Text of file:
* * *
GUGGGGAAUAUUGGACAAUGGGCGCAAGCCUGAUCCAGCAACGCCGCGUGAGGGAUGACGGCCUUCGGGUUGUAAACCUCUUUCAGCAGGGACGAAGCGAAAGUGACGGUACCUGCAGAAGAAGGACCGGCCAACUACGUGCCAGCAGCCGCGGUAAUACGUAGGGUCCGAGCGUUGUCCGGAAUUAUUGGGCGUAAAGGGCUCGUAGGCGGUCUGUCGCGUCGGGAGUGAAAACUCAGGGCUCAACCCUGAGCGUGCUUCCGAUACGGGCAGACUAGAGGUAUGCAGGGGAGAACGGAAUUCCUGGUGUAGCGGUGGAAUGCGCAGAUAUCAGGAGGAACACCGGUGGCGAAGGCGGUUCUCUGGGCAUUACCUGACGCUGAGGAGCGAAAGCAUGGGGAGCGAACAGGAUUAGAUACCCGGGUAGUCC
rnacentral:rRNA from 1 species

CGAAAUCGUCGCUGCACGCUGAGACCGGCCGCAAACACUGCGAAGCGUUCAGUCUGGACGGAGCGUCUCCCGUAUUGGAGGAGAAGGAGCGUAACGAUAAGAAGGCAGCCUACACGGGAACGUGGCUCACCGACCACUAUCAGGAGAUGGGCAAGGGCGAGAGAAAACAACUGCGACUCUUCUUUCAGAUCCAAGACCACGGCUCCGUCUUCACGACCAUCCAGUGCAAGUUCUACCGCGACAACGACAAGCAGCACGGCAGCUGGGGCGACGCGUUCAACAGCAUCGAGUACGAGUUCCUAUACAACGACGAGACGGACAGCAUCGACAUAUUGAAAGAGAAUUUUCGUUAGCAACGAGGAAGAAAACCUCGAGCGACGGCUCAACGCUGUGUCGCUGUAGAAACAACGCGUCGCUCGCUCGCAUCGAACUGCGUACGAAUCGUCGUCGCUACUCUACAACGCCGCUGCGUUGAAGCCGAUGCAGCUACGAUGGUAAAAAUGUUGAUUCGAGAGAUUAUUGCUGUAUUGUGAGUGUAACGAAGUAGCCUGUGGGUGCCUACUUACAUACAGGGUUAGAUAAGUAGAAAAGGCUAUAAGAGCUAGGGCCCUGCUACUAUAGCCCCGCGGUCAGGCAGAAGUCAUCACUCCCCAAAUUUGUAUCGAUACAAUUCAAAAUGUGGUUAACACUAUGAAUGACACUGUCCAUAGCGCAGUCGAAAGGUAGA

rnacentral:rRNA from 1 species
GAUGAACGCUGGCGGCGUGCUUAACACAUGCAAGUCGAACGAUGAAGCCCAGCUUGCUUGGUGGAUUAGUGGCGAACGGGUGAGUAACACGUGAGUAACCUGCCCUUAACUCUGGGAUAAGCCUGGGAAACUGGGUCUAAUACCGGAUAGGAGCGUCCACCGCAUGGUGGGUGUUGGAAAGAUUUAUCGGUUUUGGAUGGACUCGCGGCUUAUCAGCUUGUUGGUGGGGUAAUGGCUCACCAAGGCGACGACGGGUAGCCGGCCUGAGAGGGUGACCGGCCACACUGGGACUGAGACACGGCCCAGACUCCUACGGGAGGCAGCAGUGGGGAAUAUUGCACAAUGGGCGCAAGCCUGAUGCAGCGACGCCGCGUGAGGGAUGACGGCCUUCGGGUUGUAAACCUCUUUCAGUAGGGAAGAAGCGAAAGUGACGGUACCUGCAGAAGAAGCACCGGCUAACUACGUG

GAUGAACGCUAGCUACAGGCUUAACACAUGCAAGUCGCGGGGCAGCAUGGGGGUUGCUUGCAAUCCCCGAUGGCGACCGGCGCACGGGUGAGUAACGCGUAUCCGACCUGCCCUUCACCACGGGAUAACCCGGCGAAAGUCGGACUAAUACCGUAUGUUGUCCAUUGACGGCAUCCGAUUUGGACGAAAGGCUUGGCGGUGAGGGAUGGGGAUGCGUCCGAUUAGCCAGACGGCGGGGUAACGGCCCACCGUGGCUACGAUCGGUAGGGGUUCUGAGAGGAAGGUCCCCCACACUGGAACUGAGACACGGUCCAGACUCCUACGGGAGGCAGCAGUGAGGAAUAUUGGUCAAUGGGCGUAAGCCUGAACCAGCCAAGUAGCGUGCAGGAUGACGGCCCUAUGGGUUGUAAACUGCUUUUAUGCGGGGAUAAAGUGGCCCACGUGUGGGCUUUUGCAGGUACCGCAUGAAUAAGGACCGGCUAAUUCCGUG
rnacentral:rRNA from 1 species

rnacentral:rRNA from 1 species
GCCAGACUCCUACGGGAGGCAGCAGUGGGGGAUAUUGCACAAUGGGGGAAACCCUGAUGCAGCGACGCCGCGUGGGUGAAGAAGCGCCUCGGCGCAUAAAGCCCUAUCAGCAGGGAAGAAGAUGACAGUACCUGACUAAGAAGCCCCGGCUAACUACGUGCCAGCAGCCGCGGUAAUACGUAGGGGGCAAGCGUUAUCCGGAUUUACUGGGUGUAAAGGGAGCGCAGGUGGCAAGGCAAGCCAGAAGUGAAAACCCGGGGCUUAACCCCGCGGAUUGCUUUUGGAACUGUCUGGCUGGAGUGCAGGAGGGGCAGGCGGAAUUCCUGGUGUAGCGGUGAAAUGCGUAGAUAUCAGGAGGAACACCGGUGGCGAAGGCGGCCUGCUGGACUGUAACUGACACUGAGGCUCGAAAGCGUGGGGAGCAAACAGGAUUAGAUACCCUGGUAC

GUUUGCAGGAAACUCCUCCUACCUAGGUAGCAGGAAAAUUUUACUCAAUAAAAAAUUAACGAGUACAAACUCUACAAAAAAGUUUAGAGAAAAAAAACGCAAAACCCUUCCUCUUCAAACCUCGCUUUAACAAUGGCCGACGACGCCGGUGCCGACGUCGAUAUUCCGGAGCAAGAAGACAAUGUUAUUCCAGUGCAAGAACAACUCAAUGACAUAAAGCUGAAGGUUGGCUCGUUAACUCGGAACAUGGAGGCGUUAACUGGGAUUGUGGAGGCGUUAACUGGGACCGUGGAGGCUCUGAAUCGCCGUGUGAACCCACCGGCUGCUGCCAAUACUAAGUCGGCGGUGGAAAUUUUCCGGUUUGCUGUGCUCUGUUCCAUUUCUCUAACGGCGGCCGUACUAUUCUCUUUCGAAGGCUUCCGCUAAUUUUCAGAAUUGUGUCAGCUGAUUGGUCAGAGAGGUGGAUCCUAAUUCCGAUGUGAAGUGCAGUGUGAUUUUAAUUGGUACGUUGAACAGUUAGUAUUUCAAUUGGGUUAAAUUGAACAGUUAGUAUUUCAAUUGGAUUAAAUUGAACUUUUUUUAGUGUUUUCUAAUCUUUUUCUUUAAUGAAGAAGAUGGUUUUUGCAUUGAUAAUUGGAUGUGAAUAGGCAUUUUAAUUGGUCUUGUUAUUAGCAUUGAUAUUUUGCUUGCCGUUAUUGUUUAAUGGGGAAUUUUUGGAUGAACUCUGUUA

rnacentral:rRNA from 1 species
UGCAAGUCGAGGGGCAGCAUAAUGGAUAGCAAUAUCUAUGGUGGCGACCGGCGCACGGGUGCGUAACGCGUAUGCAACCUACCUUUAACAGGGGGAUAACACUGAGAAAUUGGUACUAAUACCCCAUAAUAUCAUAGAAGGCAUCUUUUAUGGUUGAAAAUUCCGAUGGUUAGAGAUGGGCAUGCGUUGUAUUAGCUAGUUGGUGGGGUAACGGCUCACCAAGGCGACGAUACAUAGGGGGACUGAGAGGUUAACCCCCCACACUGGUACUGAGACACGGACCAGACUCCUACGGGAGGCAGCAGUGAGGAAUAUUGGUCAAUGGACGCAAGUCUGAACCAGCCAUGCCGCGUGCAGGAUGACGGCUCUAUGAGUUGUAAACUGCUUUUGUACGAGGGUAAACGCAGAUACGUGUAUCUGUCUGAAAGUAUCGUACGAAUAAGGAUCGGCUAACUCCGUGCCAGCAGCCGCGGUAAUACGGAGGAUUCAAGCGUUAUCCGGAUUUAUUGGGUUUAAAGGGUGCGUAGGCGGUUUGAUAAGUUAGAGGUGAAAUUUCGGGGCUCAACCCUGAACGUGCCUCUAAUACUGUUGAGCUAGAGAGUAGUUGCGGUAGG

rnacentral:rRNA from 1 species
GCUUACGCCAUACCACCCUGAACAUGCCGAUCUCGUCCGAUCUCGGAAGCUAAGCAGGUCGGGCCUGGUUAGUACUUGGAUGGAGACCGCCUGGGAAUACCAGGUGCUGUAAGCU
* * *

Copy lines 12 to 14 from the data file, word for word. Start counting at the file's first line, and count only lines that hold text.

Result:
UGCAAGUCGAGGGGCAGCAUAAUGGAUAGCAAUAUCUAUGGUGGCGACCGGCGCACGGGUGCGUAACGCGUAUGCAACCUACCUUUAACAGGGGGAUAACACUGAGAAAUUGGUACUAAUACCCCAUAAUAUCAUAGAAGGCAUCUUUUAUGGUUGAAAAUUCCGAUGGUUAGAGAUGGGCAUGCGUUGUAUUAGCUAGUUGGUGGGGUAACGGCUCACCAAGGCGACGAUACAUAGGGGGACUGAGAGGUUAACCCCCCACACUGGUACUGAGACACGGACCAGACUCCUACGGGAGGCAGCAGUGAGGAAUAUUGGUCAAUGGACGCAAGUCUGAACCAGCCAUGCCGCGUGCAGGAUGACGGCUCUAUGAGUUGUAAACUGCUUUUGUACGAGGGUAAACGCAGAUACGUGUAUCUGUCUGAAAGUAUCGUACGAAUAAGGAUCGGCUAACUCCGUGCCAGCAGCCGCGGUAAUACGGAGGAUUCAAGCGUUAUCCGGAUUUAUUGGGUUUAAAGGGUGCGUAGGCGGUUUGAUAAGUUAGAGGUGAAAUUUCGGGGCUCAACCCUGAACGUGCCUCUAAUACUGUUGAGCUAGAGAGUAGUUGCGGUAGG

rnacentral:rRNA from 1 species
GCUUACGCCAUACCACCCUGAACAUGCCGAUCUCGUCCGAUCUCGGAAGCUAAGCAGGUCGGGCCUGGUUAGUACUUGGAUGGAGACCGCCUGGGAAUACCAGGUGCUGUAAGCU